So far in The Legend of Wonder Woman, we’ve seen the return of some classic Golden Age Wonder Woman characters who have been shelved or altered from their original form in DC’s comics for some time. We’ve got an iconic, fun loving Etta Candy, cracking wise and hanging out with the Holliday Girls. We’ve got the Duke of Deception with a creepy new look, stalking the battlefields of Europe and stirring up horrors. But now, in this week’s digital first issue of The Legend of Wonder Woman, we’ve got a guest star we’re used to seeing In Metropolis, not Boston.
After Diana and the Holliday Girls headed into Boston for a day of errands and shopping, Diana and Etta stopped by the National Discoverer offices so that Diana could ask about the Duke of Deception story she and Etta read in last week’s issue. The editor pointed her towards the story’s writer, and it turned out to be none other than Perry White! Usually the editor of the Daily Planet, sending Lois Lane and Clark Kent out to cover big stories, here Perry is still a reporter, and the only one at the National Discoverer who’s serious enough about his job to actually go to the front lines in Europe and do proper research.
Perry gives Diana some additional information about the Duke of Deception, confirming her suspicion that the Duke has her mother’s amulet and that some ill has befallen Hippolyta and the Amazons. Perry also talked about his desire to leave the National Discoverer in order to “break out of the tabloids and start a respectable newspaper of my own,” a likely reference to his future at the Daily Planet. Because I’m a super huge nerd who likes to overthink things, I’m now wondering what the superhero scene might be in Renae De Liz and Ray Dillon’s world? Is there a Superman in Metropolis, with Clark Kent working at the Daily Star? Is there a Batman in Gotham? Are the Justice Society fighting the Nazis?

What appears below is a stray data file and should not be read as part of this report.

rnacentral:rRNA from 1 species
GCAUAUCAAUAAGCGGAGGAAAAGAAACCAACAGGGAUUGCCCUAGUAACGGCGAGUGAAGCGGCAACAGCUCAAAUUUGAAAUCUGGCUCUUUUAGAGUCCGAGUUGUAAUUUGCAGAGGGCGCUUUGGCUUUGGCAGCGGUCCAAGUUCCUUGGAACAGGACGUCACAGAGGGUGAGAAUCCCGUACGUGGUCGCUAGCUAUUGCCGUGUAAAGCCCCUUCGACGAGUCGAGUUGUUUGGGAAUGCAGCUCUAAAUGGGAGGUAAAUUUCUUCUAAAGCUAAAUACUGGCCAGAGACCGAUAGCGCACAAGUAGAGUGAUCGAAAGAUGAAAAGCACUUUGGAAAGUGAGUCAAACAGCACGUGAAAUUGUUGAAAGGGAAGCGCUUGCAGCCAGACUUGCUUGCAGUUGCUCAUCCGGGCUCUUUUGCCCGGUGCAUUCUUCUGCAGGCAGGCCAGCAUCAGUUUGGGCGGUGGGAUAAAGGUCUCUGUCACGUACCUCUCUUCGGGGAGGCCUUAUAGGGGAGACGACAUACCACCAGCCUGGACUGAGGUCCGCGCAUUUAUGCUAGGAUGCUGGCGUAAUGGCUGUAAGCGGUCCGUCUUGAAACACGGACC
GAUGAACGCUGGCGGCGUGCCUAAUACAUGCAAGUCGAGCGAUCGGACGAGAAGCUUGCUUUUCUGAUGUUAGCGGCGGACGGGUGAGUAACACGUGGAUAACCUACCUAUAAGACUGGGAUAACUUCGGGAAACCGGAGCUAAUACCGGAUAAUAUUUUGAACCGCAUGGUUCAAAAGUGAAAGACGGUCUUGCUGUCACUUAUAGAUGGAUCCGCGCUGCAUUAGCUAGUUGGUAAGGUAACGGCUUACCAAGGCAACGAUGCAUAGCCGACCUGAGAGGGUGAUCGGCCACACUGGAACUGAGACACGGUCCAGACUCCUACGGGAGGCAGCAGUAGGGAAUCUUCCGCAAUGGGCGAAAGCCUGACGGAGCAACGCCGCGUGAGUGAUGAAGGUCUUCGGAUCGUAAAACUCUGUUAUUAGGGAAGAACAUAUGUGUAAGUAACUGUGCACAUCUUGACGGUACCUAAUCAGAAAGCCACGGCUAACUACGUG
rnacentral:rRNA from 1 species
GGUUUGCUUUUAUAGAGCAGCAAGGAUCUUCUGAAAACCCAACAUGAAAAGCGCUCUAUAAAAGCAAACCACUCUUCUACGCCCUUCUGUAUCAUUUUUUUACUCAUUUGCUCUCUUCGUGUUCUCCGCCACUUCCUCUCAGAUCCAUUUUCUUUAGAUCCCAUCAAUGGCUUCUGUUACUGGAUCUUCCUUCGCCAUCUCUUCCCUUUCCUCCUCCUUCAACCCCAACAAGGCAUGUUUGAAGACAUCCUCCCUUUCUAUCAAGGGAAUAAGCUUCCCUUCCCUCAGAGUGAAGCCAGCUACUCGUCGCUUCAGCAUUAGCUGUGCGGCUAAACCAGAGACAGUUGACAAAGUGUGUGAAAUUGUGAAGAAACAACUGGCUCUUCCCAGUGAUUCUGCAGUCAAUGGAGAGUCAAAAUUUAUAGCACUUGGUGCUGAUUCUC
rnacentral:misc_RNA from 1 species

I know it’s a Wonder Woman book, and she’ll be the focus throughout; I’m just curious about the wider world. As a big fan of what De Liz and Dillon have done with this story, it would be fun to see more of this universe. In particular, I’d love to see a classic Justice Society team up! Wonder Woman’s role in the 1940s Justice Society was kind of lame; she was their secretary, and didn’t participate in many adventures (largely because William Moulton Marston and H.G. Peter were busy doing Wonder Woman stories for three different series, and were too protective of their character to let anyone else write and draw her in All Star Comics). Given the fantasticness of De Liz and Dillon’s Golden Age revamp so far, rectifying this missed opportunity from 75 years ago would be a lot of fun.
But I digress. After the fun Perry White cameo, Diana is more adamant than ever that she needs to go to Europe to track down the Duke of Deception. Etta, of course, does her best to convince her that this is a horrible idea, and her new plan is to scare Diana straight with some newsreels at the local theater, which we’ll see next week. I doubt that will go well for Etta, but it’s sweet that she cares.
I’ve enjoyed this pause in the action as Diana acclimates to America, and having Etta around is the best; her confrontation with the National Discoverer‘s editor over a mysterious ad in which she’s featured was hilarious. Nonetheless, the news of the Duke of Deception wreaking havoc in Europe has me as antsy as Diana for her to go over and take him down. Quite fittingly, too. It’s fun to be in the same boat as Diana, and I like that De Liz is building the anticipation. Plus, as keen as I am for Diana to emerge as Wonder Woman, I don’t want to leave Etta and the Holliday Girls behind quite yet. Though they could come to Europe too, as they did in the Golden Age! There are so many fun ways this story could go.